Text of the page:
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Sunday, 28 July, 2002, 15:12 GMT 16:12 UK
Armstrong reaches new heights
Lance Armstrong's rivals on the Tour de France knew exactly how he was going to win the race for the fourth time in succession - but they have found doing anything about it rather harder to work out.
Armstrong's victory, clinched on Sunday, was won in the same mightily impressive fashion as the previous three.
The Texan bides his time in the first week, waiting for the race to hit the mountains, and then he pounces.
Somewhere on the gruelling final climb of the first mountain stage, Armstrong will accelerate hard, pulling quickly away from the group of hopefuls who had been gathered around him.
He will open up a lead of 50 metres or so, and then he will glance behind him, just to make sure that he has left his rivals for dead. And off he will go.
By the top, Armstrong will have claimed the leader's yellow jersey, which will remain his until the Tour hits Paris, thanks to a series of equally brilliant rides in the mountains.
These tactics have become Armstrong's signature as he has established himself as the greatest cyclist of his generation.
This year, there had been hopes among the other riders that Armstrong might be beatable.
He had seemed less strong than usual in the races leading up to the Tour.
And once the Tour started, he was beaten in the first long-distance time trial by Colombian Santiago Botero - the first time Armstrong had not won such a stage for four years.
But on the climb to La Mongie in the Pyrenees, Armstrong dismissed these hopes, leaving his rivals beaten both mentally and physically.
Armstrong makes riding up these daunting mountains appear easy, spinning his legs at a pace that maximises efficiency but is beyond most of his rivals.
Yet, as he says in his autobiography It's Not About The Bike: "I've read that I flew up the hills and mountains of France. But you don't fly up a hill.
"You struggle slowly and painfully up a hill and maybe, if you work very hard, you get to the top ahead of everybody else."
Armstrong attributes his superiority to physiology.
He says doctors have told him his body metabolises oxygen at an unusually high rate.
He also produces very low levels of lactic acid, the chemical that is produced when the body is tired and which makes the lungs burn and the muscles ache.
Given cycling's recent history, the subject of performance-enhancing drugs is never very far away.
No case against Armstrong has ever been proved and he insists he is clean.
But he does have close links with the Italian doctor Michele Ferrari, who this year is on trial for supplying drugs to cyclists.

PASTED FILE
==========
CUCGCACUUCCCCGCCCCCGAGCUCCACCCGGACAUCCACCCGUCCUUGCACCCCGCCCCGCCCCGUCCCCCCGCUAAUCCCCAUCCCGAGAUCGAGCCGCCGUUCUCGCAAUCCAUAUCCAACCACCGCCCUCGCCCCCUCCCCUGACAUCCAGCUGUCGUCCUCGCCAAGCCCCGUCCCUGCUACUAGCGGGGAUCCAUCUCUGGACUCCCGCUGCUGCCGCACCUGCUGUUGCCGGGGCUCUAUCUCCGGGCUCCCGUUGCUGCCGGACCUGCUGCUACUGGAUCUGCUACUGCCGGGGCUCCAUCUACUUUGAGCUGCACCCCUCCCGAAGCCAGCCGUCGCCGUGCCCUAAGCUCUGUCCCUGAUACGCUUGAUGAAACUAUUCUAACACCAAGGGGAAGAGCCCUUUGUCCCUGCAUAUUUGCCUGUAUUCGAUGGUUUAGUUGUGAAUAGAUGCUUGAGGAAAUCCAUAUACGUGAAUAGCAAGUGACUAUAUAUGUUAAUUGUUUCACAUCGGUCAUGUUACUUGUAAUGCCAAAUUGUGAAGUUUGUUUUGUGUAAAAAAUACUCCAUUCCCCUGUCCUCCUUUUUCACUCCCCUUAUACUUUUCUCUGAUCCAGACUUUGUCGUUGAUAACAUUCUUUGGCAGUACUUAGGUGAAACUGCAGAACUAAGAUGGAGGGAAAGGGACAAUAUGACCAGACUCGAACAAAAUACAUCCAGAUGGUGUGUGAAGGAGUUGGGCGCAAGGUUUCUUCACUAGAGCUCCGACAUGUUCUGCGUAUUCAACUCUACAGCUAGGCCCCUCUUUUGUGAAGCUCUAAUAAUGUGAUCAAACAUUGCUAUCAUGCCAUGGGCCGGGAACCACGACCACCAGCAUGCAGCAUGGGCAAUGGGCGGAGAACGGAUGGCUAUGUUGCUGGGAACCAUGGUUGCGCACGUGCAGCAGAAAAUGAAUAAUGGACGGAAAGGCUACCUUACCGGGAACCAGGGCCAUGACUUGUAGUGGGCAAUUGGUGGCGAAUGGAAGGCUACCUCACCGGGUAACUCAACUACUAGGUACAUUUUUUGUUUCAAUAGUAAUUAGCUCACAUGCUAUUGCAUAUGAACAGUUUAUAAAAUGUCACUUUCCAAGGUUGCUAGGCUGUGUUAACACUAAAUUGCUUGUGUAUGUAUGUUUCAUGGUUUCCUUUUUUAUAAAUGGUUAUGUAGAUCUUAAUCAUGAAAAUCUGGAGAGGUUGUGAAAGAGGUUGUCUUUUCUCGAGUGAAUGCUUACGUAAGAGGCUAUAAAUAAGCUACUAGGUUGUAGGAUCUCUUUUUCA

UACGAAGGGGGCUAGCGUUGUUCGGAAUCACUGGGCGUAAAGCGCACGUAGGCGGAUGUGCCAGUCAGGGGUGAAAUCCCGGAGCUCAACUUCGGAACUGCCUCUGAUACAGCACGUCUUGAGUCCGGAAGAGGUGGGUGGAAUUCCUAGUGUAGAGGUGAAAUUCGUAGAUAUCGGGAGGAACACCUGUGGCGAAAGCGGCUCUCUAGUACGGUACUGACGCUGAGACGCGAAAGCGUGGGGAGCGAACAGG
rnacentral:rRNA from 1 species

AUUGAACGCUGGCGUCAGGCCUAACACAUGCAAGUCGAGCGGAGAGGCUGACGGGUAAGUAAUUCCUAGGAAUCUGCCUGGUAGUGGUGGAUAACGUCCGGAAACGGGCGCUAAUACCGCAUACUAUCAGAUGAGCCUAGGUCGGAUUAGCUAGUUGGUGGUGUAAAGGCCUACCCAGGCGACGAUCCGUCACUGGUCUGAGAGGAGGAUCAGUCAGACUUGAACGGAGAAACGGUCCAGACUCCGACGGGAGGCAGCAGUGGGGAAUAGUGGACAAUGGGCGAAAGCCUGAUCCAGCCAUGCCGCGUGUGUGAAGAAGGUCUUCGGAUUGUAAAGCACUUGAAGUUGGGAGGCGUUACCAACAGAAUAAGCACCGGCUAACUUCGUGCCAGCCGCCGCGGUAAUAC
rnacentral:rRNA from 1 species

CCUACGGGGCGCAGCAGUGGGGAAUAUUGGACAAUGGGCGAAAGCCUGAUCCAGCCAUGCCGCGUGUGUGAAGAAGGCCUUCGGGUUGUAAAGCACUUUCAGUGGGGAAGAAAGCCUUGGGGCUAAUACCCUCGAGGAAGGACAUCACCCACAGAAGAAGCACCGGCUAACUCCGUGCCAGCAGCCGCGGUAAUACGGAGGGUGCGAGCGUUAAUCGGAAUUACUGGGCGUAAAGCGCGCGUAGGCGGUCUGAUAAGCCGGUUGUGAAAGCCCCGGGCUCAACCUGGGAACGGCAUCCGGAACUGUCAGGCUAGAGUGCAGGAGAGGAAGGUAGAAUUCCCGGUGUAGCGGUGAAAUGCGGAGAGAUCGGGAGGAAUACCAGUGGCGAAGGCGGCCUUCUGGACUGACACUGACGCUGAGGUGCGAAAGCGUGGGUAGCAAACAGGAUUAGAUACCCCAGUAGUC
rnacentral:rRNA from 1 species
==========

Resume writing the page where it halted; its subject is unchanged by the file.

Armstrong insists Ferrari is innocent, that the doctor has never supplied him with anything illicit and that he sees nothing wrong in their association.
Nevertheless, the links provide ammunition for Armstrong's detractors - many of them Tour traditionalists who do not like a brash American taking over their sport.
But none of this can ever take away from what Armstrong has achieved, nor the odds he has overcome to do so.
Already a cycling world champion, Armstrong was diagnosed in 1996 with testicular cancer. It had spread to his lungs and brain, and doctors rated his chances of survival at 20%.
The cancer, Armstrong has said, put cycling firmly into perspective - but he was determined to beat it and race again, a battle movingly described in his book.
As he recovered his health and fitness, Armstrong discovered that his muscles returned in a different way.
He was lighter, and therefore better suited to the climbs that define the Tour de France. And since his first victory in 1999, he has never looked back.
In the race widely regarded as sport's most gruelling physical test, his daunting performances have created an aura of invincibility around him.
When he won the race for a second time in 2000, Armstrong said that he should not yet be counted among the all-time greats - men like Bernard Hinault and Eddy Merckx, who won five consecutive Tours.
"If I want to win five," he said, "I will have to ride six or seven because there are lots of other good riders and you can't win every year."
But it is time for that opinion to be revised.
Rising British star David Millar says: "There is no point trying for the Tour de France until Lance retires."
Armstrong has given no indication of when that will be, beyond saying he would like to become the first man in history to win six Tours.
Hinault believes Armstrong can do it.
"It all depends on him, on whether he keeps the motivation to do it.
"He's just too good for the rest."
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